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Diana Buss

Corporate Communications

Senior Vice President Communications

+49 2151 7811-251

+49 2151 7811-598

diana.buss@messergroup.com

Angela Bockstegers

Corporate Communications

Senior Specialist Public Relations

+49 2151 7811-331

+49 2151 7811-598

angela.bockstegers@messergroup.com

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Nitrogen helps with bomb disposal

Bad Soden, Germany
Bad Soden, Germany

Nitrogen helps with bomb disposal

Germany: At the beginning of the year, Messer’s soil freezing technology was instrumental in recovering a World War II bomb unearthed in Marl in North Rhine-Westphalia.

In December 2007, construction workers carrying out ground surveys on the site of Evonik AG in the Marl chemicals complex unearthed a 500kg aerial bomb from the Second World War, which had to be recovered. However, since this cluster bomb was lying underneath the foundations of a chemical production facility, it was not possible to use conventional methods for the excavation: while it was possible to stabilise one side of the excavation with conventional measures such as sheet piling, securing the foundation side proved more difficult. This was a job for Messer and its soil freezing technology. This involves using lances to inject liquid nitrogen into the ground that is to be frozen. The liquid nitrogen withdraws energy from the soil as well as from the water contained in it, thus causing the formation of a frozen mass. In this case, the frozen mass formed a stable wall which also supported the load of the foundations, allowing experts to dig down to the bomb at an angle.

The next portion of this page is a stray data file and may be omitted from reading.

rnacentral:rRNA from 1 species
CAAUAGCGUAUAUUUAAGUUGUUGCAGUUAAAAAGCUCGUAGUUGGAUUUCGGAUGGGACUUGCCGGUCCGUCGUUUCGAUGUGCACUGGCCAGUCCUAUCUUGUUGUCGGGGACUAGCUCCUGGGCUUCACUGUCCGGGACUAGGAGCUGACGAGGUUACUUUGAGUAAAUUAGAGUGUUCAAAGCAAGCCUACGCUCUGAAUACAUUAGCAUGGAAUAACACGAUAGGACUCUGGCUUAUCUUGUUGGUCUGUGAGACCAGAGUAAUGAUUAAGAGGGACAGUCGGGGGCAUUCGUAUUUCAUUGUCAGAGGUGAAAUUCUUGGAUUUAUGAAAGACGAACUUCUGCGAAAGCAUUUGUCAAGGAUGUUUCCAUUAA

Stably frozen right to the end

Within just a few weeks, everything had been installed, from the nitrogen tank to the nitrogen supply and discharge pipes, from the freezing lances to the measurement and control system. This meant that freezing could commence as planned on 15th February this year. After approximately 500,000kg of nitrogen had been pumped into the pit, the frozen mass was stable, and the bomb disposal team could move in and successfully remove the bomb.

The frozen mass was preserved for a few more days to ensure the structural stability of the ground for the backfilling work.

A bird’s-eye view of the excavation, clearly showing how the individual hoses feed the liquid nitrogen into the soil.
JPG (4MB)